Amy Cudd - TED-talk

Amy Cudd – TED-talk

Harvard Business School professor Amy Cuddy has been studying first impressions alongside fellow psychologists Susan Fiske and Peter Glick for more than 15 years, and has discovered patterns in these interactions.

In her new book “Presence,” Cuddy says people quickly answer two questions when they first meet you:

  • Can I trust this person?
  • Can I respect this person?

Psychologists refer to these dimensions as warmth and competence respectively, and ideally you want to be perceived as having both.

Interestingly, Cuddy says that most people, especially in a professional context, believe that competence is the more important factor. After all, they want to prove that they are smart and talented enough to handle your business.

"If you feel like you shouldn't be somewhere: Fake it. Do it not until you make it- but until you become it."

“If you feel like you shouldn’t be somewhere: Fake it. Do it not until you make it- but until you become it.”

But in fact warmth, or trustworthiness, is the most important factor in how people evaluate you. “From an evolutionary perspective,” Cuddy says, “it is more crucial to our survival to know whether a person deserves our trust.” It makes sense when you consider that in cavemen days it was more important to figure out if your fellow man was going to murder you and steal all your possessions than if he was competent enough to build a good fire.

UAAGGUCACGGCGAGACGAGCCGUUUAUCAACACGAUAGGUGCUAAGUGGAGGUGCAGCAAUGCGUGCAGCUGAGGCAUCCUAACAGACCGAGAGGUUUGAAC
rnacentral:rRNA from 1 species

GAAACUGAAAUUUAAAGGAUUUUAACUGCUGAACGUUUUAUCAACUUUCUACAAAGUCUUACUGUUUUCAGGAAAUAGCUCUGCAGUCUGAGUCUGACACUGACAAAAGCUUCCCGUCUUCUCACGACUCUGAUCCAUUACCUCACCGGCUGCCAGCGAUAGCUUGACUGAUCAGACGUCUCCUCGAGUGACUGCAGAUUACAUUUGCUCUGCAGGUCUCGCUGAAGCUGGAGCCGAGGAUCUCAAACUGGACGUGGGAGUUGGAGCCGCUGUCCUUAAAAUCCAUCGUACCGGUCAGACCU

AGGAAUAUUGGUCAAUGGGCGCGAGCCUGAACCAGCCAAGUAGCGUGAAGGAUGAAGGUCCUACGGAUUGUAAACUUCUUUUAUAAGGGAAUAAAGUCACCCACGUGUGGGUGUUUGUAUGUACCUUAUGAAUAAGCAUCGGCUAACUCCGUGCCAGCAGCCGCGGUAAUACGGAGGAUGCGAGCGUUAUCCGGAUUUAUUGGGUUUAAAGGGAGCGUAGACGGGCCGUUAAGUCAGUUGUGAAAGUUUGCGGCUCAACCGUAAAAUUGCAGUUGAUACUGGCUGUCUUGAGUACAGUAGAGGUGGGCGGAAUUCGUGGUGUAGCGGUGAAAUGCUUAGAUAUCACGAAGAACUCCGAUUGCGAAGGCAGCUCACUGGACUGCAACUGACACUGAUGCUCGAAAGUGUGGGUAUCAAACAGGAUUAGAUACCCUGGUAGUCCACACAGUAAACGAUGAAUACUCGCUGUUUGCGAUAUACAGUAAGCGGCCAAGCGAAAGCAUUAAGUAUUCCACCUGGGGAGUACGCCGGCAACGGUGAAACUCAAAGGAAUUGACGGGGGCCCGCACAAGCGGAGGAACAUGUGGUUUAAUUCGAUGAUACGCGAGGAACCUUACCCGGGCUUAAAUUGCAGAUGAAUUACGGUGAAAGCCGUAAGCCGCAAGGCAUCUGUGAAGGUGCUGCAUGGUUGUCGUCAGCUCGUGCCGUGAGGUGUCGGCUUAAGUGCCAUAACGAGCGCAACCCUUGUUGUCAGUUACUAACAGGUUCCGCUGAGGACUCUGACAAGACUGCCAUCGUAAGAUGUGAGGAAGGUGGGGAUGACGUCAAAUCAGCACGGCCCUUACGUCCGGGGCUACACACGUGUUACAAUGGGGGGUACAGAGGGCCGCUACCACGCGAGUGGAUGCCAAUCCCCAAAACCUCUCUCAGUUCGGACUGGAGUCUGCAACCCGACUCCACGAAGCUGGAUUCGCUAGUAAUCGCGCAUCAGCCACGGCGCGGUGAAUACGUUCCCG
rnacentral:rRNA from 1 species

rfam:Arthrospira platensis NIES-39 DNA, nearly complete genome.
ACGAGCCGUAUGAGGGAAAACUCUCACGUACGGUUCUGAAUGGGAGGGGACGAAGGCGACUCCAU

Amy Cuddy

Cuddy’s new book explores how to feel more confident.

 

While competence is highly valued, Cuddy says it is evaluated only after trust is established. And focusing too much on displaying your strength can backfire.

Cuddy says MBA interns are often so concerned about coming across as smart and competent that it can lead them to skip social events, not ask for help, and generally come off as unapproachable. These overachievers are in for a rude awakening when they don’t get the job offer because nobody got to know and trust them as people.

“If someone you’re trying to influence doesn’t trust you, you’re not going to get very far; in fact, you might even elicit suspicion because you come across as manipulative,” Cuddy says. “A warm, trustworthy person who is also strong elicits admiration, but only after you’ve established trust does your strength become a gift rather than a threat.”

How to Master the Art of the First Impression?

iiDebate - First Impression